Lucy's apartment was on a clean broad street. A solid mass of exactly spaced windows near the Grand Central Station. Tip the taximan ten cents, Clem had said. A man in plum color had given her to another in plum color and the elevator made her squeamish.

"She'll be home after the matinee, she's gone for a fittin', would you like cupa coffee an' some juice an' n'egg?" a friendly Negress asked.

"If it's not too much trouble." What did one say to a maid?

"Mek yo'seff at home, I'm goin' out. If anyone phones, say Miss Lucy won't be back until late. You don't know when an' he should leave his name."

She looked out the window, washed her dishes so as not to impose, took a long hot bath, looked out the window again at the people, bugs all of seven floors below, read Mode including the ads, Harper's Bazaar including the ads, gave up the unintelligible innuendoes of "Town Topics," filed her nails, and was rereading Black Oxen when Lucy came. Alice-blue chiffoned perfumed Lucy. A little taller and more beautiful than she remembered.

"Oh boy! I'm certainly glad you could come. I missed you. Tell me all the news. I haven't done a thing but work since I last saw you."

"I don't want to remember a thing. I just want to soak in New York."

"That's just how I felt. The first day is the most exciting."

Cleo fed them and was ready to leave for the theatre.

"That spot won't come outa yo' beige crepe."

"You take it then. I'll have to be more careful, that's the third you got this month. First thing you know I'll have to borrow from you."

"Oh Miss Lucy, yo' gonna own this town one of these days."

"That's what you say," she trilled. "Vida, let's us walk. I shouldn't have eaten so much—I hope I can make all my fouettés tonight."

The July city was sunset wine with effervescent electric-light bubbles and backstage was a dazzle.

Lucy with mascaraed and blue-shaded eyes and in tantalizing flesh tarlatan and tights, her hair gilt dusted, became transformed before her eyes into an apotheosis of such seductive beauty that Vida could not restrain a twinge of jealousy as she saw herself in the merciless makeup mirror. She felt envy too—Lucy unexcited, taking the star-attention for granted, what a perfect satisfying life.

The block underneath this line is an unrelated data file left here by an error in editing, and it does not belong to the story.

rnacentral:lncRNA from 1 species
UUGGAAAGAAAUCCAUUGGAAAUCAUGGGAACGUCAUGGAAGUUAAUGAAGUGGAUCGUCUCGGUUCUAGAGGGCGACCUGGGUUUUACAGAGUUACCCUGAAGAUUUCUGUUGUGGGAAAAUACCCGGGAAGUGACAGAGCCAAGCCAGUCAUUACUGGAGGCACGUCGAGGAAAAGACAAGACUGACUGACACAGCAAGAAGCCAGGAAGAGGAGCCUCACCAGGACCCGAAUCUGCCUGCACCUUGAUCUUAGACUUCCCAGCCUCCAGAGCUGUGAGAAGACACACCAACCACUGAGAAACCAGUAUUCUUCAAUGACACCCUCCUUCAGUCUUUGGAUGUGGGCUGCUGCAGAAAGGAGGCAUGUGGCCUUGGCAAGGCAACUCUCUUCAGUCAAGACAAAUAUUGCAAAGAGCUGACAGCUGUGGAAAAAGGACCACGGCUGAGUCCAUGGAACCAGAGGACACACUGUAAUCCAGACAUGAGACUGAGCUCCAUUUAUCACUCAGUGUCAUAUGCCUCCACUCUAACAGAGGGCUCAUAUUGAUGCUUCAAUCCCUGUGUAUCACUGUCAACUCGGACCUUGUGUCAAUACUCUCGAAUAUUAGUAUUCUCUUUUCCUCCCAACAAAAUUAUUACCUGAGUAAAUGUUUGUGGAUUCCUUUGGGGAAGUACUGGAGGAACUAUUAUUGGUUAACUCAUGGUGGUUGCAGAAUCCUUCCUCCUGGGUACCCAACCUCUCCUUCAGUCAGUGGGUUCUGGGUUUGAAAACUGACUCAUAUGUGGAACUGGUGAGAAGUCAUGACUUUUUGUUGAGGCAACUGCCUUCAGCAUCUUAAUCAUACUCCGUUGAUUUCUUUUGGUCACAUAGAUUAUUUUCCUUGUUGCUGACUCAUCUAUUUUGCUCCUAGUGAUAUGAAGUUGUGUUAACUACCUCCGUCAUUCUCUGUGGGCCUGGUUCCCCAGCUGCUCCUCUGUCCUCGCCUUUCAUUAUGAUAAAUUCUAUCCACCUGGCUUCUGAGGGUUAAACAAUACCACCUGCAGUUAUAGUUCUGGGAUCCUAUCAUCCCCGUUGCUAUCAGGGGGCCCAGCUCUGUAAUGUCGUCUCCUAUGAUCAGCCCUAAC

"I really envy you all you learned. You're going to have to help me study and catch up. You don't use makeup, do you?"

"I do too," said Vida defensively, "I just haven't had time today." As she sat in the seat down in front among all the people in evening dress she could hardly breathe waiting for the effect of Lucy on the audience. To her astonishment, across the footlights Lucy was not the exotic dressing room stranger but the friend she knew in Congress. Beautiful, of course, but more like a child dressed up to be a ravishing woman. I'm just jealous, she told herself as the audience applauded during the final turns which seemed to have to go on and on for more applause.

After this night it became routine to be backstage.

One evening she arrived, after an afternoon at the Metropolitan Museum and a long bus ride, to find Cleo in the stage door alley talking to a boy friend. It was too early to hook up Lucy. As she approached the dressing room the door opened and Veme, one of the chorus boys, shot out wild-eyed with only a bath towel around his loins.

"Jesus Christ," he shrieked, counterpointed by Lucy's high trill.